Officials estimate that more than 43,000 aquatic animals were killed after a Norfolk Southern train derailed earlier this month in eastern Ohio, causing toxic chemicals to be released into the air and water, the Ohio Department of Natural Resources (DNTR) announced Thursday.
Residents began reporting incidents of dead fish floating in local creeks after a controlled burn was performed to prevent an explosion from train cars carrying toxic chemicals including vinyl chloride. The total estimate was calculated based on observations on Feb. 6 and 7, DTNR Director Mary Mertz said, according to Fox 8. (RELATED: FEMA To Deploy Aid To Ohio Town After Toxic Train Derailment)
“It’s important to stress that these small fish are all believed to have been killed immediately after the derailment,” Mertz reportedly said. “Because the chemicals were contained, ODNR has not seen any additional signs of aquatic life suffering in the streams. In fact, we have seen live fish return to Leslie Run.”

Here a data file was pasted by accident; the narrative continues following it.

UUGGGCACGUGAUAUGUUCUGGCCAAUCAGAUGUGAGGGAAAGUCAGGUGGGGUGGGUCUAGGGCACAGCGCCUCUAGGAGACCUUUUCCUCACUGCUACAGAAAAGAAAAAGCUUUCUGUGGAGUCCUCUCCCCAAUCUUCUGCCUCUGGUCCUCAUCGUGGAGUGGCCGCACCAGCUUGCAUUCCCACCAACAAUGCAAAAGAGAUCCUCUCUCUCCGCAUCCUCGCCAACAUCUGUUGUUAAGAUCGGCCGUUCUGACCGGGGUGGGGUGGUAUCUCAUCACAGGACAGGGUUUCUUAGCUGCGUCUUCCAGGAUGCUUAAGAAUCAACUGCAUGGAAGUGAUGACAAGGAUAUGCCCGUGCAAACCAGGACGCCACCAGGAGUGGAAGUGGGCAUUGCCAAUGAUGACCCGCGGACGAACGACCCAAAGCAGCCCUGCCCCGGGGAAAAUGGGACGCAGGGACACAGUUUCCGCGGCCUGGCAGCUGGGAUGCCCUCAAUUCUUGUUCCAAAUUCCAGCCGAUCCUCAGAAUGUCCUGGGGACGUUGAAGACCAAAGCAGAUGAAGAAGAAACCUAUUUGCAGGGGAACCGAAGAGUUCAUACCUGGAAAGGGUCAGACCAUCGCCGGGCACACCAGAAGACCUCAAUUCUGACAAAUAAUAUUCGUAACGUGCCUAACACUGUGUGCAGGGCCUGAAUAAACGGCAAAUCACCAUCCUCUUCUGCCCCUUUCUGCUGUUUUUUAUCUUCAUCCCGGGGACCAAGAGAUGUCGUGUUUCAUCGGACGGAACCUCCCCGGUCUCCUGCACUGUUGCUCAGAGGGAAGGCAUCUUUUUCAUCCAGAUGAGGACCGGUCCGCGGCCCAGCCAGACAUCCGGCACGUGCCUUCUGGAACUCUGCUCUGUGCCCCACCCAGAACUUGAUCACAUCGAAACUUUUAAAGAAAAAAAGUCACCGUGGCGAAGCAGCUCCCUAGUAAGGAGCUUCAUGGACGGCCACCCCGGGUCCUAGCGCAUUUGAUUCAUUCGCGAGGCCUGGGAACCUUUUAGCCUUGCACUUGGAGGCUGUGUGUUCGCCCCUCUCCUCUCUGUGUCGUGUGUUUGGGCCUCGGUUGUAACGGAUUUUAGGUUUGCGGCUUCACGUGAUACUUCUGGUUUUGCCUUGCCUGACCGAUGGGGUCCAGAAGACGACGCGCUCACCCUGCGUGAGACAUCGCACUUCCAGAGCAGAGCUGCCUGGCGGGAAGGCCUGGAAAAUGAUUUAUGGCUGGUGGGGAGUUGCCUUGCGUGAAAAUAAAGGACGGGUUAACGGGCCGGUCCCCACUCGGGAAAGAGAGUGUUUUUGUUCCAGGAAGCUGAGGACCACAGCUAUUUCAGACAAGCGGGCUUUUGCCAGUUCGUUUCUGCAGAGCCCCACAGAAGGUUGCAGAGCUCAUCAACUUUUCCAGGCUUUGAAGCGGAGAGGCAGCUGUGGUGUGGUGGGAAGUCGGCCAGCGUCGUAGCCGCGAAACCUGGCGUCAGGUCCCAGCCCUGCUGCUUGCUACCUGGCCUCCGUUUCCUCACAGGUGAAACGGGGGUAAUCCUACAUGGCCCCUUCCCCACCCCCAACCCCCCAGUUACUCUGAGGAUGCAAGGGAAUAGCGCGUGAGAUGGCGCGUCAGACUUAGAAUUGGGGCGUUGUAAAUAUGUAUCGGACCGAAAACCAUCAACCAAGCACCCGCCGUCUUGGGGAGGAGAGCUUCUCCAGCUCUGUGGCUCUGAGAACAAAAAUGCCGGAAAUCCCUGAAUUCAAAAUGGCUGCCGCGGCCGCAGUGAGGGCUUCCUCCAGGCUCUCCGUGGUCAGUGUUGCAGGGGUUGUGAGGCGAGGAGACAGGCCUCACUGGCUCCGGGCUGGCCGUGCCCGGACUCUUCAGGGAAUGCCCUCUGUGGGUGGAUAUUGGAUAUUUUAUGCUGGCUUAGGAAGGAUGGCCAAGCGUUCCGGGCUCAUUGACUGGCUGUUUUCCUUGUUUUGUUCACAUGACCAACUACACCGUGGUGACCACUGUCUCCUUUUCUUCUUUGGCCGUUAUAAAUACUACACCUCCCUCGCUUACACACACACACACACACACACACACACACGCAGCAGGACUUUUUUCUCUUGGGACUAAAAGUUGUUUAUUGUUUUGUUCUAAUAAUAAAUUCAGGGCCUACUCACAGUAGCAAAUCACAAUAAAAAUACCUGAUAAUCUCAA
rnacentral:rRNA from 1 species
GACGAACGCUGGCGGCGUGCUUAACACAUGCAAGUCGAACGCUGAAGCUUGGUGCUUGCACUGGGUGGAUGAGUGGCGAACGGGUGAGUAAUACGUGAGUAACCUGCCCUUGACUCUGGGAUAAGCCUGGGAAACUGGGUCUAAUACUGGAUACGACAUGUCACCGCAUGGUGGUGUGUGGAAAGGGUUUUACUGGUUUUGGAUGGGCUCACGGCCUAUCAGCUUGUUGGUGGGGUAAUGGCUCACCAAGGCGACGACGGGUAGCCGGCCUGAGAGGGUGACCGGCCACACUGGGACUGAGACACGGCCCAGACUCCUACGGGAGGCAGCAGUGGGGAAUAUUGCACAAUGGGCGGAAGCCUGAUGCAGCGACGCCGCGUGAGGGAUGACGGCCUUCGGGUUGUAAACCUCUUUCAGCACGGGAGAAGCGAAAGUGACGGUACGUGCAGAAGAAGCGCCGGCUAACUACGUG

The data included 38,222 dead minnows and approximately 5,500 deaths in a five-mile span of a variety of species including crayfish, amphibians and macroinvertebrates, Fox 8 reported. The deaths reportedly occurred within 24 hours of the derailment and the remains were disposed of to stop other animals from eating them.
The water source that the derailment reportedly spilled into runs 7 1/2 miles. Initial surveys found that 3,000 water species were killed after the contamination and 2,200 were minnows.
“The most recent tests by the Ohio River Valley Water Sanitation Commission (ORSANCO) indicate no butyl acrylate or vinyl chloride have been detected in the Ohio River,” the Ohio Environmental Protection Agency website reads.
The ODNR did not immediately respond to the Daily Caller News Foundation’s request for comment.
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